If you are interested in blogging or want to promote your book, please contact E. B. Davis at writerswhokill@gmail.com.


Our reason for creating WWK originated as an outlet for our love of reading and writing mystery fiction. We hope you love it, too, and will enjoy our holiday gifts to our readers with original short stories to celebrate the season. Starting on 11/16 stories by Warren Bull, Margaret S. Hamilton, Paula Gail Benson, Linda Rodriguez, KM Rockwood, Gloria Alden, and E. B. Davis will appear every Thursday into the New Year.


Our November Author Interviews: 11/8--Ellen Byron, and 11/15--Sujata Massey. Please join us in welcoming these authors to WWK.


November Saturday Bloggers: 11/4 Margaret S. Hamilton and 11/11 Cheryl Hollon.


Congratulations to our writers for the following publications:

Shari Randall's "Pets" will be included in Chesapeake Crimes: Fur, Feathers, and Felonies anthology, which will be published in 2018. In the same anthology "Rasputin," KM Rockwood's short story, will also be published. Her short story "Goldie" will be published in the Busted anthology, which will be released by Level Best Books on April 25th.


In addition, our prolific KM will have the following shorts published as well: "Making Tracks" in Passport to Murder, Bouchercon anthology, October 2017 and "Turkey Underfoot," just published, will appear in the anthology The Killer Wore Cranberry: a Fifth Course of Chaos.


James M. Jackson's 4th book in the Seamus McCree series, Doubtful Relations, is now available. His novella "Low Tide at Tybee" appears February 7 as part of Lowcountry Crimes: Four Novellas, which is available for order.

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Thursday, July 22, 2010

The Crystal Screen

Dare I look into the future of story-telling? My iPhone doesn’t have an app for that. Information on publishers, agents, Amazon, and large bookstores lands hourly in my mail box. No one knows for sure whether future generations will want to read fiction or buy books with covers and pages. I sit at my computer spinning tales without the certainty of a market for my stories. No wonder people who don’t write think writers are weird. I could point out that farmers plant crops that nature might kill and they raise livestock subject to premature death.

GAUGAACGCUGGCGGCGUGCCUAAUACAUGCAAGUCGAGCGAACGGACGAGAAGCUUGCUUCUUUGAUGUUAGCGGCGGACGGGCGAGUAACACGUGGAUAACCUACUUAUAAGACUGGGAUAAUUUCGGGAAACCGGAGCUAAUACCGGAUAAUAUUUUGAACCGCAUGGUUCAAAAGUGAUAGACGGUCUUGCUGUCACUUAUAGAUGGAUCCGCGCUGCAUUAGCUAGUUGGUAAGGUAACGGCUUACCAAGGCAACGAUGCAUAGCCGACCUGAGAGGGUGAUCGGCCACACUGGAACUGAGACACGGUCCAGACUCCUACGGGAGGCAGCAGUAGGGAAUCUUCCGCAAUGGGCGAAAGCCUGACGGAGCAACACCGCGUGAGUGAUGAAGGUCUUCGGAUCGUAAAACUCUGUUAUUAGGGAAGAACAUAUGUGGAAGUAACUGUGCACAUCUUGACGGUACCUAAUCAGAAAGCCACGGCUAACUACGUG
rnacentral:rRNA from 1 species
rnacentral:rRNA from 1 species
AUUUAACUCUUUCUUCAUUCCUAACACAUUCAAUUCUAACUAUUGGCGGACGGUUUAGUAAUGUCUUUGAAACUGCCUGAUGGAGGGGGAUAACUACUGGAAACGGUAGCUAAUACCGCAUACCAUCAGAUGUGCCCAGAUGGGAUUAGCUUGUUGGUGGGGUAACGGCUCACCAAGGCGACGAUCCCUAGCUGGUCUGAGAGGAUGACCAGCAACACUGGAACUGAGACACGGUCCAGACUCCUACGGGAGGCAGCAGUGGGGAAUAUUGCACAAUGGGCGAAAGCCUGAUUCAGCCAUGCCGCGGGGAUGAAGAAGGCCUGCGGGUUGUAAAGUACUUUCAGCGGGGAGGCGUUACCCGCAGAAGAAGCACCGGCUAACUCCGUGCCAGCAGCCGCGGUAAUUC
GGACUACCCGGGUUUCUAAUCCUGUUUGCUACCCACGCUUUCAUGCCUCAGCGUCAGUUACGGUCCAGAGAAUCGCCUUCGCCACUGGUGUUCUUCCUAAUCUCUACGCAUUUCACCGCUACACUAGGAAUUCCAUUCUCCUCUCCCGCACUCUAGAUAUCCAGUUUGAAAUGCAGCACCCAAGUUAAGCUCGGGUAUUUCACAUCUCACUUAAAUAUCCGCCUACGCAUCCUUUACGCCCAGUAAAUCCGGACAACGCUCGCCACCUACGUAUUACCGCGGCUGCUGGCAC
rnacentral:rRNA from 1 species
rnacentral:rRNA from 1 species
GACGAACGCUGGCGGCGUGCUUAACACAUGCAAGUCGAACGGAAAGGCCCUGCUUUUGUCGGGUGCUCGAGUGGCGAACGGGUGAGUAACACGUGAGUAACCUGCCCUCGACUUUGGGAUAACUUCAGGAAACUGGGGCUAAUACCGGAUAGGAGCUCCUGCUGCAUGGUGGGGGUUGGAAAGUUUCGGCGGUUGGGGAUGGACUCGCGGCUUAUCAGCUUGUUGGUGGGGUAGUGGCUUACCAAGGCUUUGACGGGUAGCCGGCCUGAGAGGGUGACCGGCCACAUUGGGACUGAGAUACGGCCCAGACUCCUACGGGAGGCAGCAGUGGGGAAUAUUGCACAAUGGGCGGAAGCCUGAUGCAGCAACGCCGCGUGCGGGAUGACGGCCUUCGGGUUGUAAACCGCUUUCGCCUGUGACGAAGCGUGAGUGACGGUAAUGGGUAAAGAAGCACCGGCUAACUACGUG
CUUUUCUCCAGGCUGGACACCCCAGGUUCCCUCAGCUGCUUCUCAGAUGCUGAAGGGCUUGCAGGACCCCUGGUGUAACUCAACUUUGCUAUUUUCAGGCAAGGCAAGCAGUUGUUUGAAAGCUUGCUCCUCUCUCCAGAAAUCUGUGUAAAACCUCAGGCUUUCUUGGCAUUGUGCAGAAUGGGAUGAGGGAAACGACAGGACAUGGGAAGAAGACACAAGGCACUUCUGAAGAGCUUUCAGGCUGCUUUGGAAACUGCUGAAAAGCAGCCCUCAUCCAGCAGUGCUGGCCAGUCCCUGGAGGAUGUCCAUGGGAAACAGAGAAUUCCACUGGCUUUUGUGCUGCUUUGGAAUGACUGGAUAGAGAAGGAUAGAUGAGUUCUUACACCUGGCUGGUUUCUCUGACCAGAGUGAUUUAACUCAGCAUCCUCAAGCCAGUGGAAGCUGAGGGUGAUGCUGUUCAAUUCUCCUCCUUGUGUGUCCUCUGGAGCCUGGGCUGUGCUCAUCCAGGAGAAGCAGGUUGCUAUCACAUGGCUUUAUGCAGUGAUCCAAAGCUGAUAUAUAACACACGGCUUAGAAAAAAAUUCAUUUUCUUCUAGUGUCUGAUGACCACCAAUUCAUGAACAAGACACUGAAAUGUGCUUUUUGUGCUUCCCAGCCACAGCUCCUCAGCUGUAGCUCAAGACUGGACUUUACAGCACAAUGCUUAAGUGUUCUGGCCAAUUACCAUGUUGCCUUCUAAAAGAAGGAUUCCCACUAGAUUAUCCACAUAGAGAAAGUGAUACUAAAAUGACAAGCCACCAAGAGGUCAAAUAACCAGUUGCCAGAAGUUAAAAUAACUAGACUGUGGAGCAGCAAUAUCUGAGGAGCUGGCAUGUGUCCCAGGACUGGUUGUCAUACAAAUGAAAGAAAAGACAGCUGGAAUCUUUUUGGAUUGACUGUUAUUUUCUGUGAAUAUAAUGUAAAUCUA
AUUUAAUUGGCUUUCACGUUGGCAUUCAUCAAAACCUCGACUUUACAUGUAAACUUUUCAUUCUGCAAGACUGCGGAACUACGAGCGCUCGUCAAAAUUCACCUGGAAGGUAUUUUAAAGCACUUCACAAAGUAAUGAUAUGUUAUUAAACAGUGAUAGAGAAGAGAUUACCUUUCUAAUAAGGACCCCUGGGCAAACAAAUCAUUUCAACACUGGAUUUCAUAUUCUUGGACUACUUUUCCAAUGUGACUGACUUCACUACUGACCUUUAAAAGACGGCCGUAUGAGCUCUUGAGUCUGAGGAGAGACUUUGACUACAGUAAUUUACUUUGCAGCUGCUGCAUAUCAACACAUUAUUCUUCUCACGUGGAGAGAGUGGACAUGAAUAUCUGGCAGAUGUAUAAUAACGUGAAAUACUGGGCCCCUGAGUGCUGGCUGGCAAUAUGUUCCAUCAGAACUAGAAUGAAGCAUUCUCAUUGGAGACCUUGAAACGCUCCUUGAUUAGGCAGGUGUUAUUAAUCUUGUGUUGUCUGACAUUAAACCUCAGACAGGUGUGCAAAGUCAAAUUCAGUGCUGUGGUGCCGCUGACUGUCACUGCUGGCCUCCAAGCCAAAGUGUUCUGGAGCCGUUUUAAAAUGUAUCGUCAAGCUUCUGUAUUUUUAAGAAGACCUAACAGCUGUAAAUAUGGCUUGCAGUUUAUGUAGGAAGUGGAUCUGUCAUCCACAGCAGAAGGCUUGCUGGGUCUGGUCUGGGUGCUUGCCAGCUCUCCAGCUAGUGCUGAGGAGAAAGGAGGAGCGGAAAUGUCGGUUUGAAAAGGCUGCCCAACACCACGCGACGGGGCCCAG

Bestselling authors with loyal followers can be sure people will buy their next book but, if it doesn’t meet expectations, these same authors could become yesterday’s news.

My grandchildren tune into technology almost from birth. I used to think my children could’ve been born with a phone attached to their ears. My grandchildren could’ve been born with access to the Internet. Does that mean they will look for stories and dramas that can be downloaded onto their PC’s? My daughter has a bookcase that contains her favorite books. She also has an eReader so she can download her favorite authors and books recommended by her friends at any time and in any place.

So, back to the future question. How long will printed books continue to be produced? Trees die so authors can give birth to books. Paper is not easy to store and will eventually disintegrate. I’m not writing as a young rebel seeking to distinguish her generation from those proceeding. I love holding a book in my hands and opening it to the first page. But, I have to ask myself, are books and bookcases fading into nostalgic anachronism?

I’m taking a course with C.J. Lyons, author of URGENT CARE, WARNING SIGNS, and LIFELINES, on escaping the slushpile with the right query and pitch. I continue to search for an agent and a publisher willing to take a risk on a new mystery writer. Agents have become the gatekeepers of the publishing world. How soon before people rebel against their power to decide what fiction reaches the public? Writers are already displaying their work on the Internet and letting the public decide what it is willing to pay for. Could I say for certain all these writers are not as good as writers selected by agents?

Sure, there are logistic problems such as how to direct the public to an author’s latest fiction offering. There could be an app for new fiction. Amazon doesn’t have to own the monopoly for writers who want to publish first chapters online. Groups of writers could team up to seek attention on the Internet. Agents, publishers and bookstore owners could create sites. This is America. New enterprises would find a way to make money.

I’ve met agents and publishers who love books. Most agents and publishers take up the profession because they’re interested in books. But the old publishing model isn’t working efficiently in today’s world. Writers are expected to have a business plan for promoting their books. It doesn’t take a great leap of imagination to see writers starting out as entrepreneurs even as they sit down to type the first words of their first drafts.

I continue to follow traditional routes to obtain an agent and publisher. I can’t help noticing the process is not egalitarian. Famous people publish memoirs that might be less interesting than those of any Tom, Dick, or Harry. Some authors have connections while others write first and then seek in the dark to enter the publishing world.

There’s a lot of useless information on the internet and it’s up to the researcher to sift through the good and the bad. EReaders could help with this. Maybe, in the future, readers will sift through writing that hasn’t been prescreened by an authority, and decide what they want to read.

Pauline

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